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Article

Intra-System Reliability Assessment of 2-Dimensional Shear Wave Elastography

1
Faculty of Health, School of Clinical Sciences, Queensland University of Technology, Brisbane, QLD 4000, Australia
2
Mater Research Institute-University of Queensland, Level 3 Aubigny Place, Raymond Terrace, South Brisbane, QLD 4000, Australia
3
Centre for Biomedical Technologies, Queensland University of Technology, Brisbane, QLD 4000, Australia
4
Faculty of Medicine, The University of Queensland, Herston, QLD 4006, Australia
*
Author to whom correspondence should be addressed.
Academic Editor: Alessandro Ramalli
Appl. Sci. 2021, 11(7), 2992; https://doi.org/10.3390/app11072992
Received: 1 March 2021 / Revised: 22 March 2021 / Accepted: 24 March 2021 / Published: 26 March 2021
(This article belongs to the Special Issue Innovations in Ultrasound Imaging for Medical Diagnosis)

Abstract

The availability of 2-Dimensional Shear Wave Elastography (2D-SWE) technology on modern medical ultrasound systems is becoming increasingly common. The technology is now being used to investigate a range of soft tissues and related pathological conditions. This work investigated the reliability of a single commercial 2D-SWE system using a tissue-mimicking elastography phantom to understand the major causes of intra-system variability. Sources of shear wave velocity (SWV) measurement variability relates to imaging depth, target stiffness, sampling technique and the operator. Higher SWV measurement variability was evident with increasing depth and stiffness of the phantom targets. The influence of the operator was minimal, and variations in sampling technique had little impact on the SWV.
Keywords: ultrasound; phantom study; shear wave elastography; reliability study ultrasound; phantom study; shear wave elastography; reliability study

1. Introduction

Ultrasound based elastography techniques can be applied to investigate a range of clinical scenarios, with several different technologies currently available on various commercial ultrasound systems. Shear Wave Elastography (SWE) involves the generation of shear waves propagating perpendicularly from the main axis of the ultrasound beam, the speed of which is linked to the tissue’s elastic modulus [1]. One technique [2-Dimensional Shear Wave Elastography (2D-SWE)], generates these shear waves by applying multiple transducer-generated acoustic force pulses to create a two-dimensional parametric colour map of tissue stiffness. The operator is then able to “sample” areas within this colour map using proprietary software to obtain quantitative measurements of tissue elasticity by measuring the shear wave velocity (SWV). An advantage of 2D-SWE is that the elasticity profile of a larger section of tissue can be evaluated with a single acquisition [2]. By measuring the velocity of these lateral shear waves and comparing measurements from normal and pathological tissue, researchers can detect or monitor disease progression [3,4,5,6,7,8].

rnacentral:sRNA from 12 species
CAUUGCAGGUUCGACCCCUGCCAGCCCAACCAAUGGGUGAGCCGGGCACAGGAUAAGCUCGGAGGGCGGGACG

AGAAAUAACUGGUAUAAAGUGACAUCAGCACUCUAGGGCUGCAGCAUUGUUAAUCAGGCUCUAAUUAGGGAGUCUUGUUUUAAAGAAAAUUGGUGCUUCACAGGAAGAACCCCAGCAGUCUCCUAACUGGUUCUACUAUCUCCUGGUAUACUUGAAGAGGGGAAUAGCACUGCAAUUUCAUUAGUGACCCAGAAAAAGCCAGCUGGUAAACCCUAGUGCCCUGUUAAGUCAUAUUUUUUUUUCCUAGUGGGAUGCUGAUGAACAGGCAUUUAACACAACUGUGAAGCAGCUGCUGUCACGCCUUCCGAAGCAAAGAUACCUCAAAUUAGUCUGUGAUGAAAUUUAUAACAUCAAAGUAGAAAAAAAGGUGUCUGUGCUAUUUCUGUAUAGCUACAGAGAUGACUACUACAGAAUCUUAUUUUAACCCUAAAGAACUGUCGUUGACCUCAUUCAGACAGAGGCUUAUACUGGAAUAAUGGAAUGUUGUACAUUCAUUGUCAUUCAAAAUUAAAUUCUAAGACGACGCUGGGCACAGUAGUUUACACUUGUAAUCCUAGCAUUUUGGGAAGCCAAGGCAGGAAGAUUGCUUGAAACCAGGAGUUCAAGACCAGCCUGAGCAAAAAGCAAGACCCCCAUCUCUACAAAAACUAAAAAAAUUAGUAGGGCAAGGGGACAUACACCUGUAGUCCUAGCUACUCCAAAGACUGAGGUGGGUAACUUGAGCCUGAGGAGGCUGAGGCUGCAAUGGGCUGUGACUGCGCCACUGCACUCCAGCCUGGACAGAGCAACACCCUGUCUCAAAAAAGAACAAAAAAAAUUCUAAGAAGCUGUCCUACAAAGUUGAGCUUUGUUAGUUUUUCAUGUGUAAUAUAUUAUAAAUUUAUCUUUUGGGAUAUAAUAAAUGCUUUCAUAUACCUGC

Like other ultrasound-based quantitative techniques such as Doppler flow analysis, 2D-SWE is susceptible to measurement variability which is unrelated to intrinsic physiological conditions. SWV measurements can be influenced by variations in imaging conditions such as sampling depth [9], presence of acoustic artifacts [10] or operator relevant errors in technique [11]. In addition, the use of different elastography sono-platforms has also been shown to introduce considerable variability in measurements [12,13,14,15]. A reliable measurement is one in which the variability between repeated measurements remains within a clinically acceptable limit [16]. Such a limit provides confidence that measurements can differentiate between normal and pathological conditions. Although several studies have investigated the reliability of ultrasound derived elastography measurements [9,12,13,14,15,17,18,19], there is limited published data for 2D-SWE systems and a lack of universally agreed-upon reliability criteria for this system [20].
Modern 2D-SWE systems now incorporate software tools to assist operators to visually assess the stability of the acquired SWV and to inform them of the ideal placement of the sampling region of interest (ROI) box [21]. Alongside a 2D colour-coded map of tissue stiffness, a novel approach provided by some manufacturers is the addition of a “propagation contour map” (Figure 1), which uses a series of contour lines to depict shear wave arrival times at different anatomical points in the tissue being assessed [22,23]. Regions in the image displaying parallel contour lines indicate shear waves are propagating smoothly with minimum variability [21]. These two images provide complementary information designed to produce a visual indicator of the best acquisitions to select for quantitative analysis and to optimise the placement of the ROI sampling box in an area free of significant artefacts. Operators utilising 2D-SWE technology need to have confidence that any derived measurements are a true representation of the tissue being sampled and have a good understanding of the factors that can introduce variability. Thus allowing them to take steps to minimise these at the time of imaging.